Saturday, September 10, 2011


I finally feel like I might possibly be in a place to start blogging again. So many changes have taken place in the last 3 (ack!) years that it would be impossible to try and chronicle them all. Instead, the super-condensed version is that

1. Sophie arrived at the tail end of January 2009
2. In May of 2009, Eric graduated from medical school
3. We moved to his residency location in June
4. In August 2009, we separated and the kids and I moved back to my hometown and have been shacking up with my folks ever since
5. I started working part-time via the internet in February 2011
6. In March 2011, the divorce was finalized.

Not much to sum up two years of angst and turmoil.

The knitting hasn't been as frequent as I would like, but there is still some. My fascination with cooking has increased, in an inverse relationship to my freedom to do so.

This fall, I have been experimenting with applesauce. Yes, I realize that I am late to the game and that there isn't much new to learn, but it has been fun trying out different things. Luckily, my folks have an apple tree that produces small, but tasty fruit. The tree is beset by an infection that is nearly impossible to eradicate, but that does not affect the taste or quality of the apples, but leaves them rather ugly. In other works, perfect for applesauce. Today, while Sophie and my nephew napped (he was visiting for the day), I grabbed a small ladder and picked a milk crate full of apples.

Normally, I go through the painstaking process of peeling and coring them before cooking the applesauce. I had read somewhere in the ethernet that cooking the apples with the skin intact will release more pectin and cause the sauce to set up more firmly. Since, this batch is destined for apple butter, I thought I would give it a whirl. Actually, what I read also recommended leaving the cores intact, but given how bitter the seeds are, I didn't want to risk that flavor seeping into the finished product.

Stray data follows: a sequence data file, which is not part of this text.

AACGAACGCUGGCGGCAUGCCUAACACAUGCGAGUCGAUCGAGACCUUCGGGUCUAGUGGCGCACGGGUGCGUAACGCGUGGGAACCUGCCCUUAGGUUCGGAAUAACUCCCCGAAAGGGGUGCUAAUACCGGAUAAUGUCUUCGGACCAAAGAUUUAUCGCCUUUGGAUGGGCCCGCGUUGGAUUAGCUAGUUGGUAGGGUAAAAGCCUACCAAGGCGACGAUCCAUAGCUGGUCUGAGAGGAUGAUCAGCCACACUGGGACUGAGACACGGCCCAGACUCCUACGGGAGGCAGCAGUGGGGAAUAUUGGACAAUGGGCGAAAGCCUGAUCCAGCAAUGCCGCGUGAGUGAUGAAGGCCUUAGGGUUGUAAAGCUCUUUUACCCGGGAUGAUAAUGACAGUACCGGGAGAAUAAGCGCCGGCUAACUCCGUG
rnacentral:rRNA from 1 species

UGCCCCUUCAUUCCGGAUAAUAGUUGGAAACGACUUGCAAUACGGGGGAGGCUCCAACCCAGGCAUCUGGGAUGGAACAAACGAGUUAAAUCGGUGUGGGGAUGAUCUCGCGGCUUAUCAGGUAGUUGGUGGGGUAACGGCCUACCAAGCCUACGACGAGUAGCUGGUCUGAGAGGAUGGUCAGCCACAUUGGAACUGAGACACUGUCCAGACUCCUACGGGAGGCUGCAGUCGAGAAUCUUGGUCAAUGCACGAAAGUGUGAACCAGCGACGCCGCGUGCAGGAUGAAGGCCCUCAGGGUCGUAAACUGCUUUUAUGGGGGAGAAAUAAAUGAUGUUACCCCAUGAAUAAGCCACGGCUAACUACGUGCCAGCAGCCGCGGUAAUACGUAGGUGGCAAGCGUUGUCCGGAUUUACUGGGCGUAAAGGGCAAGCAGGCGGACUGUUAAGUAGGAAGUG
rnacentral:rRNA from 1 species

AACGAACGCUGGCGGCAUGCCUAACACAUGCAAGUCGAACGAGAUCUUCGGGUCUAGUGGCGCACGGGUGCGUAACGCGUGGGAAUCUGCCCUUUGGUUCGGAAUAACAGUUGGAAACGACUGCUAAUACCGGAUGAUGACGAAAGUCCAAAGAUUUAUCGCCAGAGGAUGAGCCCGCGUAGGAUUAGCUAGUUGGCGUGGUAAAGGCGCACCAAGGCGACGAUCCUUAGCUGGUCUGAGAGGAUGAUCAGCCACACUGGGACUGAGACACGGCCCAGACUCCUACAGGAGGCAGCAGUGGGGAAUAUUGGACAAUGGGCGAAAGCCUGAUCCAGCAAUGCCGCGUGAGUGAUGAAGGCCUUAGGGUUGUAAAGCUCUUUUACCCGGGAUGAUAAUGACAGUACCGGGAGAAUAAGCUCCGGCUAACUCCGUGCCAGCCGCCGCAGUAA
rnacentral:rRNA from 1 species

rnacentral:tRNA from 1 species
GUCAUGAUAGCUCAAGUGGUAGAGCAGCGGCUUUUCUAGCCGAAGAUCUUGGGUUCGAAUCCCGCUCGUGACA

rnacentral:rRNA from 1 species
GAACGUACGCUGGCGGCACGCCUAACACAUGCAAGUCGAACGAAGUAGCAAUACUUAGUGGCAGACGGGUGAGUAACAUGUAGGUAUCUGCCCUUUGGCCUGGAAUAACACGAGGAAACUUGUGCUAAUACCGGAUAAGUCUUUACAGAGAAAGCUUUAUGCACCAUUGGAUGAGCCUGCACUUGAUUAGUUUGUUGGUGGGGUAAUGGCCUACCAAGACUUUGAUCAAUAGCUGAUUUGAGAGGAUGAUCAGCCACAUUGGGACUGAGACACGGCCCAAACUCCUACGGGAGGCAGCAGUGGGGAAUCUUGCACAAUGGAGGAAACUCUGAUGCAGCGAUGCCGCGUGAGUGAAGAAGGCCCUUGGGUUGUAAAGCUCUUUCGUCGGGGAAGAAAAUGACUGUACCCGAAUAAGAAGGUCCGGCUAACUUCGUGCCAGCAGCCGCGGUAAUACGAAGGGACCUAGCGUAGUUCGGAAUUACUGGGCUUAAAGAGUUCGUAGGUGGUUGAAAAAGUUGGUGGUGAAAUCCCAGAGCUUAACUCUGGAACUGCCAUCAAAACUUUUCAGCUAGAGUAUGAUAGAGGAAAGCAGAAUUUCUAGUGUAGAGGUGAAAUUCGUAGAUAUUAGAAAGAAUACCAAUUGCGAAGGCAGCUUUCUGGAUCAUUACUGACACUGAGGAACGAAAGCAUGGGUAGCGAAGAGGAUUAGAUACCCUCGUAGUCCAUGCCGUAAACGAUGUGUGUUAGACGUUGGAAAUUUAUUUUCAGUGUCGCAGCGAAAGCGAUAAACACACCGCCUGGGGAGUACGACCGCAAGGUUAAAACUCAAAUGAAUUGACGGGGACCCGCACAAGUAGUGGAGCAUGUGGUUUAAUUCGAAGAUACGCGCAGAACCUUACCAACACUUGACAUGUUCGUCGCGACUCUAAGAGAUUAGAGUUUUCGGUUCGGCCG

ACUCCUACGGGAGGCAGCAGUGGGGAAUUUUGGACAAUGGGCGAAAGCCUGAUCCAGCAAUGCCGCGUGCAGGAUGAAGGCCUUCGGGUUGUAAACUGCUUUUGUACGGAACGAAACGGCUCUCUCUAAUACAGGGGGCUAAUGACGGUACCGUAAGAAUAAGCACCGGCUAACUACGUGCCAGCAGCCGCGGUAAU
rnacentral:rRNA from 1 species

It finally dawned on me that I don't need to quarter the apples and then remove the core. Instead, this time setting the apple on its blossom end, I made a slice that went very close to the core, but just missed the seeds. Then I turned the apple 90 degrees and made another slice. Doing this twice more left me with a square core and 4 apple chunks. The best part of doing it this was is how much faster it was than my normal routine of using the combo peeler/slicer that my mom has.

I tossed the apples in large stock pot with some water. No precise amount, just until the water came about a quarter of the way up the apples. Then, onto medium heat until the water started to boil, then I turned it down as low as it would go so as not to scorch the sauce. I cooked them covered, stirring occasionally, until everything was good and mushy. At this point, all of the skins had slipped off and were suspended in the sauce in huge chunks; not particularly appetizing. I set a food mill over a large bowl and worked the hot sauce through, leaving a silky smooth sauce.

For now, this went into the fridge. Tomorrow it will become apple butter.

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